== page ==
# Trains

MRT Corp has recently hired you, one of the most talented programmers in the country, to assist in building MRT tracks in the country.

To begin with, you are given a square grid map of size N x N​, detailing the number of people, C residing in each grid segment. Since constructing your tracks would require all inhabitants of the utilized land to relocate, you are to decide on a potential railway connecting train stations A ​and B​, with the coordinates ($A_x, A_y$) and ($B_x, B_y$) respectively, such that the number of people forced to relocate are kept to a minimum and output that number. Do note that there may be certain areas in which you cannot build your train tracks (e.g. unstable land, hills etc.).

You are also reminded that you cannot build diagonal train tracks and only build in the 4 main directions (e.g. left, right, up, down).

Problem Source : MCO 2015

Input

Line 1: An integer N​, the length of the square grid of the map.
Line 2: Four integers $A_x, A_y, B_x$​ and $B_y$​ which signifies the x and y-coordinates (from top-left to bottom-right) of the two stations A and B. You will be guaranteed that the two train stations will be situated at distinct locations.
Line 3 to (N+​2): N​ integers with a value, C ​each detailing the number of inhabitants of a particular area and separated by spaces. Areas in which you are not allowed to build train tracks on will be given a value of -1.

Output

A single line stating the minimum number of inhabitants that will have to be relocated. Output -1 if it is impossible to construct the tracks without building on the areas in which you are not allowed to build tracks.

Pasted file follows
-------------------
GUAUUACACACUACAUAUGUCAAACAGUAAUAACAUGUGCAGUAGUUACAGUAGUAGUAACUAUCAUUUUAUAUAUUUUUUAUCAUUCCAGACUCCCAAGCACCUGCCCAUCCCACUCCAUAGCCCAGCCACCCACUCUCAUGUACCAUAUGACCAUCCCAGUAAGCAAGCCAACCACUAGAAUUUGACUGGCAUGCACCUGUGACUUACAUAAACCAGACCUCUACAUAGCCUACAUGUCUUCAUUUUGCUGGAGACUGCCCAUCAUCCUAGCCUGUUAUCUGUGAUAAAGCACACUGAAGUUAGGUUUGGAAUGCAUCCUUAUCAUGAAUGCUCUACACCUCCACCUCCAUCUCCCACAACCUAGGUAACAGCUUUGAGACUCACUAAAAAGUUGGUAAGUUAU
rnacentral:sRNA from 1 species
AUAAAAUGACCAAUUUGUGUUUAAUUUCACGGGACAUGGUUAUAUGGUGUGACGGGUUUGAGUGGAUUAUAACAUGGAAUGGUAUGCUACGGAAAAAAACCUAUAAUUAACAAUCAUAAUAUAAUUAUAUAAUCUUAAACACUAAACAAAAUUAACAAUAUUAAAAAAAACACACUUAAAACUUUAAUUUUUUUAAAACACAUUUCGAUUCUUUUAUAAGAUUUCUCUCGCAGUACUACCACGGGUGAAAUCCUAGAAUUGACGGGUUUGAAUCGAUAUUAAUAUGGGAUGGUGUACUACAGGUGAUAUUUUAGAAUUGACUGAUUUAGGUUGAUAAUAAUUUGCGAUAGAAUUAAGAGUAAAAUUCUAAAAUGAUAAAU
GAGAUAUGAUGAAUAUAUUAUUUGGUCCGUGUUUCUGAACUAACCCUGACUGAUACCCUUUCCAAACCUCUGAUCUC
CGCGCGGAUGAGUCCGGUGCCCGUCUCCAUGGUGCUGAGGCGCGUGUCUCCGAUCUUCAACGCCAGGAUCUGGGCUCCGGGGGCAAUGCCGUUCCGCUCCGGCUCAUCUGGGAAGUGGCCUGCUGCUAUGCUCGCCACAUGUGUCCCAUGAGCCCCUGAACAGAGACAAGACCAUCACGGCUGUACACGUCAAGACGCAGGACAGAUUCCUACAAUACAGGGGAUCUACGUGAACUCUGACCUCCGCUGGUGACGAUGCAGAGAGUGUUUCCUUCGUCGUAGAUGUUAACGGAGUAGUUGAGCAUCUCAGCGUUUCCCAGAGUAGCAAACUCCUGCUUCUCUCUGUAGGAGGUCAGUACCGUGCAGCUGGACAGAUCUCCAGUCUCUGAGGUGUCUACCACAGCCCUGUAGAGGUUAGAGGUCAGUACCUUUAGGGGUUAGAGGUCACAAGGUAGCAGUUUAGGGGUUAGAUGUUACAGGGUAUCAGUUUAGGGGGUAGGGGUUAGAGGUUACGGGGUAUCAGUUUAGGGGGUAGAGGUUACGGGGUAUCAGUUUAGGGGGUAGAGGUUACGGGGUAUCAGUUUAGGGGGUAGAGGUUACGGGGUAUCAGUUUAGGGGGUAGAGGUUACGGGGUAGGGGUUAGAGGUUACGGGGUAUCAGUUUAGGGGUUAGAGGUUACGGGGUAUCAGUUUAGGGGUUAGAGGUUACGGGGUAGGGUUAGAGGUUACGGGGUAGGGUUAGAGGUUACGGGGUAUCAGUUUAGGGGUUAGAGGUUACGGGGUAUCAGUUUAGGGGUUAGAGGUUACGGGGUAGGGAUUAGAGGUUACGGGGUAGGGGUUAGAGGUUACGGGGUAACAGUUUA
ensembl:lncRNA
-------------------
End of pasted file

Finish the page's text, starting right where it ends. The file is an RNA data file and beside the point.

Constraints

• Time Limit : 1s
• Memory Limit : 64 MB
• $2\leq N \leq 400$
• $1 \leq A_x, A_y, B_x, B_y \leq N$
• $-1 \leq C \leq 1,000,000$

Sample Input

5
1 3 5 4
10 30 20 50 10
10 20 -1 25 10
99 10 -1 10 10
10 10 -1 10 10
10 10 -1 99 12


Sample Output

363


Explanation

The path is [99, 10, 10, 30, 20, 50, 25, 10, 10 ,99] with sum of cost 363.

Solution

The idea is to explore every neighboring nodes from the starting points. Each time, update their data, store them into a priority queue and mark them as visited. Using this method, every visited node will be in its lowest possible cost. Repeat this steps until the ending node is reached or the entire graph has been visited.

C++

#include <cstdio>
#include <queue>

using namespace std;

struct node{
long long cost;
int x, y;
bool v;
};

class CompareCost{ public:
bool operator()(node a, node b){
if (a.cost > b.cost) return true;
else return false;
}
};

node a[400][400];
priority_queue< node, vector<node>, CompareCost > pq;

int N, Ax, Ay, Bx, By, i, j;
node k;

int main(){

scanf("%d%d%d%d%d", &N, &Ax, &Ay, &Bx, &By);
Ax--; Ay--; Bx--; By--;

for (i=0; i<400; i++){
for (j=0; j<400; j++){
a[i][j].v = 1;    // 1 for cannot be visited
}
}

for (i=0; i<N; i++){
for (j=0; j<N; j++){
scanf("%lld", &a[i][j].cost);
a[i][j].x = j;
a[i][j].y = i;

if (a[i][j].cost != -1) a[i][j].v = 0;
}
}

pq.push(a[Ay][Ax]);
a[Ay][Ax].v = 1;

while (!pq.empty()){

if (a[By][Bx].v) break;

k = pq.top(); pq.pop();

if (k.y+1 < N && !a[k.y+1][k.x].v){
a[k.y+1][k.x].cost += k.cost;
pq.push(a[k.y+1][k.x]);
a[k.y+1][k.x].v = 1;
}
if (k.y-1 >= 0 && !a[k.y-1][k.x].v){
a[k.y-1][k.x].cost += k.cost;
pq.push(a[k.y-1][k.x]);
a[k.y-1][k.x].v = 1;
}
if (k.x+1 < N && !a[k.y][k.x+1].v){
a[k.y][k.x+1].cost += k.cost;
pq.push(a[k.y][k.x+1]);
a[k.y][k.x+1].v = 1;
}
if (k.x-1 >= 0 && !a[k.y][k.x-1].v){
a[k.y][k.x-1].cost += k.cost;
pq.push(a[k.y][k.x-1]);
a[k.y][k.x-1].v = 1;
}
}

if (a[By][Bx].v && a[Ay][Ax].cost != -1){
printf("%lld",a[By][Bx].cost);
}
else printf("%d",-1);

return 0;
}


# The Maximum Subarray

Given an array $A=\{a_1,a_2,\dots,a_N\}$ of $N$ elements, find the maximum possible sum of a

1. Contiguous subarray
2. Non-contiguous (not necessarily contiguous) subarray.